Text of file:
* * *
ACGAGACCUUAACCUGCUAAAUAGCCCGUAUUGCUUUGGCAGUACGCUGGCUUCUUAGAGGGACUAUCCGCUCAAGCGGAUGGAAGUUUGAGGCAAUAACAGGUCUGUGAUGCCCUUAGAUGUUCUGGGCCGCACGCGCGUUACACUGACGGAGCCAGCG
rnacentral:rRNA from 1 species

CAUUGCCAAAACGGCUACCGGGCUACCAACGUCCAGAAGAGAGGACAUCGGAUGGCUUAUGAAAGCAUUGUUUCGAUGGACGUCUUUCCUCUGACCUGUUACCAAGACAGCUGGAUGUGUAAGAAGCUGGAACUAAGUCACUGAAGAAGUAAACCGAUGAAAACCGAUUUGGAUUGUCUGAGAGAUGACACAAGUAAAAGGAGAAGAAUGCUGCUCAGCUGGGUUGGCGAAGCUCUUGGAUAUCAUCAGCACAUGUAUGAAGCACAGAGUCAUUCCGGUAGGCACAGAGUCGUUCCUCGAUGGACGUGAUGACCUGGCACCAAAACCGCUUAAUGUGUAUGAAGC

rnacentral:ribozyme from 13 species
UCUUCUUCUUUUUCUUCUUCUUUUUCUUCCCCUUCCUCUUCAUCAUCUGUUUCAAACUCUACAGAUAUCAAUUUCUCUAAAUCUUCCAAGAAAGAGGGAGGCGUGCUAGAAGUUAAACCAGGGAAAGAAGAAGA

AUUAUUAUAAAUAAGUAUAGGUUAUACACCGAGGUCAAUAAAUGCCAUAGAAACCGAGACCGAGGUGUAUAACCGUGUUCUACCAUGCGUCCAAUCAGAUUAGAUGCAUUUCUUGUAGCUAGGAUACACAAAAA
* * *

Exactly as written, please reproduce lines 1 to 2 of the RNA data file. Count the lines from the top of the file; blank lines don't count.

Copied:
ACGAGACCUUAACCUGCUAAAUAGCCCGUAUUGCUUUGGCAGUACGCUGGCUUCUUAGAGGGACUAUCCGCUCAAGCGGAUGGAAGUUUGAGGCAAUAACAGGUCUGUGAUGCCCUUAGAUGUUCUGGGCCGCACGCGCGUUACACUGACGGAGCCAGCG
rnacentral:rRNA from 1 species